Pope Francis is seen during the second week of the Synod of Bishops on Synodality assembly in Rome in October 2023. Image: Supplied

And what a rich week it has been!

Cardinal Jean-Claude Hollerich SJ began the week with an amazing meditation. And what a challenge he gave us all in these words: “Jesus extended this communion to all the sinners.  Are we ready to do the same?” He asked, “Are we ready to do this with groups which might irritate us because their way of being might seem to threaten our identity?”

And even more riches came from the meditation offered by U.K. lay female theologian Dr Anna Rowlands.

A few memorable quotes from Dr Rowland struck me powerfully:

“Communion is the very power of this room … in a modern world that tends towards both homogenizing things and fracturing things, communion is a language of beauty, a harmony of unity and plurality,” she told the synod delegates.

Rowlands went on to recall a recent conversation with a survivor of clergy sex abuse:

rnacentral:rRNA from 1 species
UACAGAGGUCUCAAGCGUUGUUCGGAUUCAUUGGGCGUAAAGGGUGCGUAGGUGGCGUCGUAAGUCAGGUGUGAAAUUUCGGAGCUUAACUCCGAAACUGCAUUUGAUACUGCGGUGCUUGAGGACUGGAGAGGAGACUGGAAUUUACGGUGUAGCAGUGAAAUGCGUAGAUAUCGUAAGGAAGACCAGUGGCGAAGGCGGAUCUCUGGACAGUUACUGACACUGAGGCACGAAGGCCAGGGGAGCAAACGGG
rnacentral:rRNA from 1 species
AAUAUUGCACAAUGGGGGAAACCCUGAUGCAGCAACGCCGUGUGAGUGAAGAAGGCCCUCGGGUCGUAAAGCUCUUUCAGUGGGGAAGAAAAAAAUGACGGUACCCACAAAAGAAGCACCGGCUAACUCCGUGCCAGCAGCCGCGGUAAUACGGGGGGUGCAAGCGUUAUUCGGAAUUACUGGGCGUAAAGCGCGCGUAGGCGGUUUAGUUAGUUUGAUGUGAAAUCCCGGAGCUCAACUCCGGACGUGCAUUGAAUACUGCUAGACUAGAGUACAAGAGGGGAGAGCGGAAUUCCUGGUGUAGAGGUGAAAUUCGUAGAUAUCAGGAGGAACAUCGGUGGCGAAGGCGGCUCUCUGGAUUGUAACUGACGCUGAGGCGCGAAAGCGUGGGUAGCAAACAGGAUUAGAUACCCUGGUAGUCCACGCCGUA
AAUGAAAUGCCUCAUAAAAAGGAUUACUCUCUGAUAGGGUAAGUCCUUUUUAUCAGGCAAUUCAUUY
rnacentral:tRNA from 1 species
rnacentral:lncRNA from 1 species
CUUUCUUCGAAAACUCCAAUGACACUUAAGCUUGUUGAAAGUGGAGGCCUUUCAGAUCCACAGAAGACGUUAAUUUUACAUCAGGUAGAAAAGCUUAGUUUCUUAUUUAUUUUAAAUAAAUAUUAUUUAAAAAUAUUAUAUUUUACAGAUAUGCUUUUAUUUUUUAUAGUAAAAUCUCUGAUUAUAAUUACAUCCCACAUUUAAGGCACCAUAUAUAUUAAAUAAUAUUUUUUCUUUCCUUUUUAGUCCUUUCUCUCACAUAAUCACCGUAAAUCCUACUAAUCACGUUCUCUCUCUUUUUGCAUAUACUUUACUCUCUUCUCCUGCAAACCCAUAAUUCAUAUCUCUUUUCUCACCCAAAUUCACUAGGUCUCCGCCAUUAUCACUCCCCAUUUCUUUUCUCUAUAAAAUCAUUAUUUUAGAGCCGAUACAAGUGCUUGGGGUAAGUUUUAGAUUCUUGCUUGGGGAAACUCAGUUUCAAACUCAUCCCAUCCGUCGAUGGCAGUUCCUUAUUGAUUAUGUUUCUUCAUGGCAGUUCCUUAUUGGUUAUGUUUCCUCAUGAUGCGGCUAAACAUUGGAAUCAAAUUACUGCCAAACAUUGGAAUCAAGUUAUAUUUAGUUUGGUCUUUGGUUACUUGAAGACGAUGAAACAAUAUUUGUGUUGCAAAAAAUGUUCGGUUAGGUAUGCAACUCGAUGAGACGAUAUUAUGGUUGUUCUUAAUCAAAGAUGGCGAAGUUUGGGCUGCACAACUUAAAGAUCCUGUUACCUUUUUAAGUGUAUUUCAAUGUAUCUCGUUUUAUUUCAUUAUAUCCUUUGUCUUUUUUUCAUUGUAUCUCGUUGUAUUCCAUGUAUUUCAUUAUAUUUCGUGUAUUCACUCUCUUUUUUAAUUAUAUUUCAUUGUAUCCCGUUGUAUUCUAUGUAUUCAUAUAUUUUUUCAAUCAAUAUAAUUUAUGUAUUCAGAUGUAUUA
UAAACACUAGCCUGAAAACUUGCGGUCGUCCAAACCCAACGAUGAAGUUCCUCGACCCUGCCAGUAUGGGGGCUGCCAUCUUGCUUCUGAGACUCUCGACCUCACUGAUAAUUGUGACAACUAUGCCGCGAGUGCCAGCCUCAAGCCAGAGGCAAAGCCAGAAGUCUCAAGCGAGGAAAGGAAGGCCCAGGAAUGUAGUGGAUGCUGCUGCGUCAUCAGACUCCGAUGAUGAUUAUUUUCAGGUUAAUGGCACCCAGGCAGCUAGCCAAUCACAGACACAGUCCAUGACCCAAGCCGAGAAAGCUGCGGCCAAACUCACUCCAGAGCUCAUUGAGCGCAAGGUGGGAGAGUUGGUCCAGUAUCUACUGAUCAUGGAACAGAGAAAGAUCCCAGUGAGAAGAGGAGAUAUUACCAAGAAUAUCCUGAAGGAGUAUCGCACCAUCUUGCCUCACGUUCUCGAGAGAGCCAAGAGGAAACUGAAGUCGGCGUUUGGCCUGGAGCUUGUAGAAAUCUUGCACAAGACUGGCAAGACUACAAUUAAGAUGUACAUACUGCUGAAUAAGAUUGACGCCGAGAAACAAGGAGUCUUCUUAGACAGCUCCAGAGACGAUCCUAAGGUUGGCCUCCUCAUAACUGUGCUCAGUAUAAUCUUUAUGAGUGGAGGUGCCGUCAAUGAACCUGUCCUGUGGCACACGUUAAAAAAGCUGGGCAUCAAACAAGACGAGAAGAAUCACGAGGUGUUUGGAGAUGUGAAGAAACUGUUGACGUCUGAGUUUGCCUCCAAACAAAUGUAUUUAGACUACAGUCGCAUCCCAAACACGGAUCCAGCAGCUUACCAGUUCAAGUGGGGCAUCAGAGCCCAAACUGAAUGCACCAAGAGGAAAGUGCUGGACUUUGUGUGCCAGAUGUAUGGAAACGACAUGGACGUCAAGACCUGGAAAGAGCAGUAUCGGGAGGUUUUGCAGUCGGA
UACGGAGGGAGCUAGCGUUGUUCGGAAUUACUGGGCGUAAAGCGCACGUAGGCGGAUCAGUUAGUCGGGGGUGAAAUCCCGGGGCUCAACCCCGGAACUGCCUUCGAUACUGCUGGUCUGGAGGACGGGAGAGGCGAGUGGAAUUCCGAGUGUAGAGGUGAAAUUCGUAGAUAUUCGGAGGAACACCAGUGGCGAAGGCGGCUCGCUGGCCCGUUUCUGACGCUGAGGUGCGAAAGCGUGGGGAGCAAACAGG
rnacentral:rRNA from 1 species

He said, “Be bold about the need for healing. This is a paschal journey we must walk together. And tell them the Eucharist is life saving.” Not all abuse survivors feel this way, but I share this because it has the character of a prophecy of communion; it calls for repentance and proclaims the central truth of our faith.

And Timothy Radcliffe O.P. delivered another ‘tour de force’ meditation.

No wonder the 450 delegates had so much to talk about in the small groups. They explored the implications for our Church – as it promotes communion amongst so many in our society and church, who experience alienation and marginalisation.